The Northeast Midget Association (NEMA), lost one of its most valued and popular members when Jimmy O’Brien passed-away a couple of weeks-ago. A member of the club for over 4-decades, his drivers included Johnny Evans, Hank Stevens, Doug Cleveland, Steve Eldridge, Paul Stoehr and Roy Daniel. Cleveland and Evans won in O’Brien equipment; Stevens won the 1975 dirt track title. He also served as an officer of NEMA for many years. This shot captures Jimmy (second from right), following a 1970s victory at New Hampshire’s Star Speedway with Johnny Evans as his driver. (Pete Zanardi Collection).                         

At a venue we’re unsure-of, seen here is the late, great Pete Corey. Popular legend dictates that it was fellow competitor, the late Kenny Shoemaker that dubbed him “The Crescent Hillbilly” after an on-track altercation left “The Shoe” stammering for the proper choice of words. Legend also has it that he actually rather-enjoyed the moniker that was a nod to his geographic origins in the capital district of New York State. In actuality, Corey and Shoemaker may have waged many battles on the track, but there was a vast degree of respect shared between the two legendary racers. Few came tougher than Corey; he was real-deal. (Photographer Unknown).             

Deservedly-so, much has been written about the driver known as the “Crafty Redhead”, New England Hall of Famer Melvin “Red” Foote. Often lost in the mix is the memory of his brother Russ Foote, who was an accomplished racer in his own-right. He’s captured here at the “New London-Waterford” Speedbowl of the 1950s. Russ claimed one Waterford Modified victory in 1959 during a career that was substantially-shorter than that of his more-celebrated sibling. Russ retired after sailing out of the ballpark in dramatic fashion during the shoreline oval’s 1963 season, while his brother’s last event came at Langley Field, Virginia in 1980.  (Shany Photo, Courtesy Chris Langer).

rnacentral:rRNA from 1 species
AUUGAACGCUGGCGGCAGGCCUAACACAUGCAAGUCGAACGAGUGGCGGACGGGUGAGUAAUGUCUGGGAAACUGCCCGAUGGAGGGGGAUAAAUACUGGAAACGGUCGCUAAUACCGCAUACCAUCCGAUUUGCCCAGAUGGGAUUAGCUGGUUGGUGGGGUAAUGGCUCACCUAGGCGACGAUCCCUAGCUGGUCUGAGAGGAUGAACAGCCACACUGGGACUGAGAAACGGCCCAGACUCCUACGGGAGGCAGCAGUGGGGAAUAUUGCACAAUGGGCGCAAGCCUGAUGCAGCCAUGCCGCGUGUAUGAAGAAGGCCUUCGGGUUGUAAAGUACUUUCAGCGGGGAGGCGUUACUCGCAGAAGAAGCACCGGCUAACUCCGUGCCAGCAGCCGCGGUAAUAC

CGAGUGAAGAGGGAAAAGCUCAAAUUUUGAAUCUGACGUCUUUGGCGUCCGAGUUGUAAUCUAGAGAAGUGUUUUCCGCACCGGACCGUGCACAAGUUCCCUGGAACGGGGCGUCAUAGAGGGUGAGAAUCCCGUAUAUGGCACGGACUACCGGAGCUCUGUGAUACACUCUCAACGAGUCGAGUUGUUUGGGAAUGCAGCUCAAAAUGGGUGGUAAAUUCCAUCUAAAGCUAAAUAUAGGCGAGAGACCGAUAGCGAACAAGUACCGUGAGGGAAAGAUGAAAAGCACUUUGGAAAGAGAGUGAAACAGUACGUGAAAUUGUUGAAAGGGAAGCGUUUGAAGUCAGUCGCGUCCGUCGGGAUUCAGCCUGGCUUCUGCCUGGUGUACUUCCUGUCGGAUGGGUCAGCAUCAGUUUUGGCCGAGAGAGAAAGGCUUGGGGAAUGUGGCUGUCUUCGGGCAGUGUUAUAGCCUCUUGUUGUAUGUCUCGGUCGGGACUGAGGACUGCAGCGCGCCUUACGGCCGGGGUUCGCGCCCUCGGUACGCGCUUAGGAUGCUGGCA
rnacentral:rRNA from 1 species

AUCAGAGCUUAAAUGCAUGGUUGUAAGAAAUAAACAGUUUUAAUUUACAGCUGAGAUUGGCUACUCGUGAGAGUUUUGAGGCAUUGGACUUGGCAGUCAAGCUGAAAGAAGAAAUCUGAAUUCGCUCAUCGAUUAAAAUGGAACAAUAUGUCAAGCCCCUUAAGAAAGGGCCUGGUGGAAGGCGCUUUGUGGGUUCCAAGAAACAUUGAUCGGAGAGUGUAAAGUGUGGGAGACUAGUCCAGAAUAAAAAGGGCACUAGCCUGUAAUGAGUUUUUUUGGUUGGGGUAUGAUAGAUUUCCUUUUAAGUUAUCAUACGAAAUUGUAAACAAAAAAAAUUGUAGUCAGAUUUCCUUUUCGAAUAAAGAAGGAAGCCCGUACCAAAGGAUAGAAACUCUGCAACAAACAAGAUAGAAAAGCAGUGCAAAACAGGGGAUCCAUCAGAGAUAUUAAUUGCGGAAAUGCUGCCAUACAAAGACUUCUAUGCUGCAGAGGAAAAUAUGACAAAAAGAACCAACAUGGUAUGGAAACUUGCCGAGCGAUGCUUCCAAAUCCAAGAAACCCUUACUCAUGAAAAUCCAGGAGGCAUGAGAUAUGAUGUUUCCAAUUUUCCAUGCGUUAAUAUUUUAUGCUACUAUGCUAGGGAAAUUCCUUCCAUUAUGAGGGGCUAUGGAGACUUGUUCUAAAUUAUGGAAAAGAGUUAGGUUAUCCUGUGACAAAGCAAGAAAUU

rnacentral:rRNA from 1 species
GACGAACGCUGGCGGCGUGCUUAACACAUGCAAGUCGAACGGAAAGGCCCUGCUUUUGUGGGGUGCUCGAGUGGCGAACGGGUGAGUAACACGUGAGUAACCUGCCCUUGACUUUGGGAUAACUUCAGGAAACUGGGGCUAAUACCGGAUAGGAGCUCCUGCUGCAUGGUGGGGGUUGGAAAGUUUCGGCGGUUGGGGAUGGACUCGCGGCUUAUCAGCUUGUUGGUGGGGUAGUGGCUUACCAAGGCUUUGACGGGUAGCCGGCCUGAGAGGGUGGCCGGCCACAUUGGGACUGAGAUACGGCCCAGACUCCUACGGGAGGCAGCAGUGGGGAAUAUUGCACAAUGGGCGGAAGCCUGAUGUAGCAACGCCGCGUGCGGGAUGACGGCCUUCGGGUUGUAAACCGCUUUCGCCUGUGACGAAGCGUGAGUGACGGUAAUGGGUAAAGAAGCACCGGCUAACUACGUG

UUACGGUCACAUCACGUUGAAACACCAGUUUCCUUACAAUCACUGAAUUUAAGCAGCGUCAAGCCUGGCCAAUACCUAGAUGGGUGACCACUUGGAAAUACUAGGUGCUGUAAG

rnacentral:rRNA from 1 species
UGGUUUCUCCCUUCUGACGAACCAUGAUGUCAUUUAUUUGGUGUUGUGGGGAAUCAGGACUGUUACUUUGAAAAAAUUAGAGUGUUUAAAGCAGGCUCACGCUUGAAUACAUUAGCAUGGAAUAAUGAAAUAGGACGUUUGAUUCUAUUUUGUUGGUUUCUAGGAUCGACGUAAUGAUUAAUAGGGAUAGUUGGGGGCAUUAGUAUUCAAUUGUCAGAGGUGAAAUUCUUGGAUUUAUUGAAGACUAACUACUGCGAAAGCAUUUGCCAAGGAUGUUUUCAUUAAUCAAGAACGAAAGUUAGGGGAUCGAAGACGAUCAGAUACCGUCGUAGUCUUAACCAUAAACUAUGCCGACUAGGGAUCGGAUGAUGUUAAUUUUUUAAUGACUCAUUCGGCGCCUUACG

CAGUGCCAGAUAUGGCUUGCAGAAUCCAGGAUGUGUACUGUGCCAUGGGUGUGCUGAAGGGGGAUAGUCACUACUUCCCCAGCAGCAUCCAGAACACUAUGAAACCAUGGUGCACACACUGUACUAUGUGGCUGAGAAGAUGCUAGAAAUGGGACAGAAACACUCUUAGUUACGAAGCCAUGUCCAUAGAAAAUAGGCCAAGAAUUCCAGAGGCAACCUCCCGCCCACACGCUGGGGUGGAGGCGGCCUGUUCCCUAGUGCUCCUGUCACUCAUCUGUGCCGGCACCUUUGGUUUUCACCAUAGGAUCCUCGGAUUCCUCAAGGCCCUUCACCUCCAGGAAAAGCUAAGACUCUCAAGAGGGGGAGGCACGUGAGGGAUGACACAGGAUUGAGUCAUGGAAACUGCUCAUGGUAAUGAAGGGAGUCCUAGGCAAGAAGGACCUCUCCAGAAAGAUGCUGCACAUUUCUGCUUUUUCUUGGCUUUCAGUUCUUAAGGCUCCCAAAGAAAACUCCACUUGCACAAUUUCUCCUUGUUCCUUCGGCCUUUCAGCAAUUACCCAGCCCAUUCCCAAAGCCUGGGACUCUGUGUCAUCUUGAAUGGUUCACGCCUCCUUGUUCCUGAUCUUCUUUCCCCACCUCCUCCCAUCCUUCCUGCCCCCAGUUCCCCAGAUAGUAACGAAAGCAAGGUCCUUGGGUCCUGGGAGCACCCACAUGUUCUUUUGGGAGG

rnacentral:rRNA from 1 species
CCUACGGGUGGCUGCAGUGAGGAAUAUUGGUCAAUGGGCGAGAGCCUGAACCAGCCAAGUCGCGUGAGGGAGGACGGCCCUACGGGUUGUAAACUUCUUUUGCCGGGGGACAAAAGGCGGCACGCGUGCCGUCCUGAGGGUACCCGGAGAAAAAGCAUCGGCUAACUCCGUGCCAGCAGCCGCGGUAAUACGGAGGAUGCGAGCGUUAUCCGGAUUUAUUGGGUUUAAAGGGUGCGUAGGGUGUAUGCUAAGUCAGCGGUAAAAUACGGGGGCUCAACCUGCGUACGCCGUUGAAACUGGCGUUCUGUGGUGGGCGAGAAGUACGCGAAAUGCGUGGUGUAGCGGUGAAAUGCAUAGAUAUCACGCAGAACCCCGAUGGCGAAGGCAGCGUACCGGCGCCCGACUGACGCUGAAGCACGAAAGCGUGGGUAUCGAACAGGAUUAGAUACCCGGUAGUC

And here’s another great “New London-Waterford” Speedbowl image donated courtesy of our friend Chris Langer. Seen here behind the wheel of an ultra-sanitary coupe is the popular Don Bachand, who scored multiple feature victories in both modified & non-ford competition at the shoreline oval during the 1950’s & 60’s. (Shany Photo Courtesy Chris Langer).              

Lastly, here’s a REALLY old one from a long-gone track located in Tiverton, Rhode Island. The date is July 26, 1942, and the midget division is gathered in-formation on the infield for the last race before World War 2 halted auto racing in the United States. Known as Ponta Delgada Motor Stadium” and also “Tiverton Speedway” the track was built as a 1/5 mile dirt oval around a soccer field debuting in 1939. For the 1941 season, it was paved. Racing resumed after the war, and continued (on a somewhat inconsistent basis in later years), until the facilities demise in the early-50s. (Photographer Unknown).                             

That's it for this week. Email me at: